There has been so much talk recently about batters increasing their launch angle. You have probably seen dozens of articles from sources all around the internet, some focusing on a reduction in ground ball rates, others on increased home run rates. Some focus on specific average launch angle ranges, claiming this or that average launch angle may be more useful for this or that reason. It is getting confusing, I’m confused. I’m sure you’re confused. Or maybe you’re burned out from all this launch angle talk. Bear with me, I’m going to try to demystify what is going on, and hopefully you can use it to your advantage in the coming weeks while others still struggle.
First, exit velocity, generally speaking, means more than launch angle in terms of predicting success. In fact, you can predict batted ball outcomes using exit velocity alone. I have done so in the past, and I could predict how many runs would be scored in any given game with a good deal of accuracy. That’s another topic, though. The key takeaway is this: Exit Velocity trumps angle.
Second, exit velocity peaks between -10 and 10 degrees of vertical launch angle for pretty much every batter. I would say every batter, but there is probably an exception. This comes down to physics, mostly. It is determined by the angle of attack on the pitched baseball. Imagine the curve the ball follows between the release point in the pitcher’s hand all the way to the point at which it crosses the plate. As I understand it, on average, that angle is somewhere between 0 and 10 degrees. For breaking balls the angle is steeper, on fastballs it is more shallow, but give or take, averaging everything out, it is between 0 and 10 degrees.
Well, that doesn’t really explain why exit velocity peaks, does it? Well, think of it this way: you hit the ball harder if the center of the bat is lined up with the center of the ball. That is obvious enough. Well, if the ball comes in with an angle of 0-10 degrees, then your bat will need to have an angle of 0-10 degrees to achieve maximum exit velocity. So, a launch angle around 0-10 degrees is roughly the default launch angle, give or take.
I have a stat for batted balls hit between 0 and 10 degrees. I call it GB. Perhaps I should call it something else? Either way, the name shouldn’t matter, just focus on the meaning. I define GB as batted balls hit between 0 and 10 degrees, and they have the following stat line:
These balls, while you may consider them ground balls or line drives, are perhaps deceptively valuable. The why is clear: they have peak exit velocity. When you hit balls on this angle, generally speaking, you hit the ball very hard. However, the ball is not elevated, so you can’t do an especially large amount of damage with it. Hence, lots of singles. If you hit the ball down the line, you’ll get a double. If you’re lucky, maybe a triple.
You can be a productive hitter by maximizing the number of balls you hit in this manner. Christian Yelich, Joey Votto, and Paul Goldschmidt did so last season, each hitting around 19% of their balls on these angles. However, it is preferable to elevate the ball to increase extra base hits and home runs.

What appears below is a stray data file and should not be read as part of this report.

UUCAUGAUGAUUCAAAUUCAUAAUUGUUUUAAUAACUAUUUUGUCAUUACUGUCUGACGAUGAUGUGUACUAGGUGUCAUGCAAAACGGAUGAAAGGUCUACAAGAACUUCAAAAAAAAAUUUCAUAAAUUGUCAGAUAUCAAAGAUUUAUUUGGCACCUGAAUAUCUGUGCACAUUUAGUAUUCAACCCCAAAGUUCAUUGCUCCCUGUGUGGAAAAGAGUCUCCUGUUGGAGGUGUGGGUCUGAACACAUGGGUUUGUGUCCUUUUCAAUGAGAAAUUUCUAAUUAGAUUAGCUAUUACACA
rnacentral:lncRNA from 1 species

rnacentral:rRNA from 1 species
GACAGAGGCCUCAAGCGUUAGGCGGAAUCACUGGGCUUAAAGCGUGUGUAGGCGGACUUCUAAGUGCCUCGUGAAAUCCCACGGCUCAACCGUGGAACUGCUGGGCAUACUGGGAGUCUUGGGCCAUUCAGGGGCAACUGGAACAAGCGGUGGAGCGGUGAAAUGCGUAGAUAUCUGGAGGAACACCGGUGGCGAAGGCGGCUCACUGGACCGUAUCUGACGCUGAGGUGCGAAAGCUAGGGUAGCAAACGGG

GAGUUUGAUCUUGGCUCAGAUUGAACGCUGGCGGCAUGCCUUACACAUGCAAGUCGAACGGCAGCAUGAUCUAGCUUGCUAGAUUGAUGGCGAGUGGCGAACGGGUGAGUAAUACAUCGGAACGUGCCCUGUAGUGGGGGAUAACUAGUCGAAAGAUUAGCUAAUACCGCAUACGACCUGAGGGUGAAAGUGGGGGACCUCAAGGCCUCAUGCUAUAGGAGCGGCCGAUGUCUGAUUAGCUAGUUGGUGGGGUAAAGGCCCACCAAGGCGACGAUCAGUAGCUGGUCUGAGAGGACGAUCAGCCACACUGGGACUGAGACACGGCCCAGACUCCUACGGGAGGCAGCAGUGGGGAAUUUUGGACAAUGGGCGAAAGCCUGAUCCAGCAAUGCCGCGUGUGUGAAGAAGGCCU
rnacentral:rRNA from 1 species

Bat Speed? Max Exit Velocity?
The higher your bat speed, the higher the average exit velocity on batted balls. If you go to xStats.org and sort GB by decreasing exit velocity, you’ll see Stanton ranked first with 105 mph, followed by Pedro Alvarez, Mark Trumbo, Joc Pederson, Justin Upton, Domingo Santana, Josh Donaldson, Jose Bautista, David Ortiz, Ryan Zimmerman, and Cameron Rupp each hovering between 99 and 100 mph. (I am using the 2016 numbers here) These batters have a superior combination of bat speed and hand eye coordination, and it manifests as higher exit velocity.
The average exit velocity for balls hit on this angle is 92.9 mph with a standard deviation of 3.3, so each of these guys is in the 98% percentile among batters (z-score = ~2.15; 3.67 for Stanton).
Any ball hit above 10 degrees or below -10 degrees is the result of a misaligned bat-ball collision. And as a result, you’re sacrificing exit velocity for launch angle. And the further you misalign, the more velocity you sacrifice.
Balls hit between 10 and 19 degrees, which I label LD, have an average exit velocity of 92.8 mph. Down just .1 mph. That’s practically negligible and easy enough to ignore. Balls hit between 19 and 26 degrees, which I label HD, drop to 92.0 mph. Still roughly negligible. Once you reach 26 degrees, the difference begins to show in earnest. Balls hit between 26 and 39 degrees have an average exit velocity of 89.7 mph, and those hit above 39 degrees have an average of 82.6 mph.
You can see how exit velocity drops off with launch angle in the charts below. Notice how not only does Stanton have a higher peak velocity around 0-10 degrees, but he also has higher velocities all along the chart. He also has a wider peak velocity, between 0 and 25 degrees or so, prior to exit velocity steeply falling between 25 and 50 degrees. Notice how Stanton can still hit balls above 100 mph around 40 degrees, while DJ LeMahieu cannot hit the ball that hard above 25 degrees or so.
What Are The Best Launch Angles?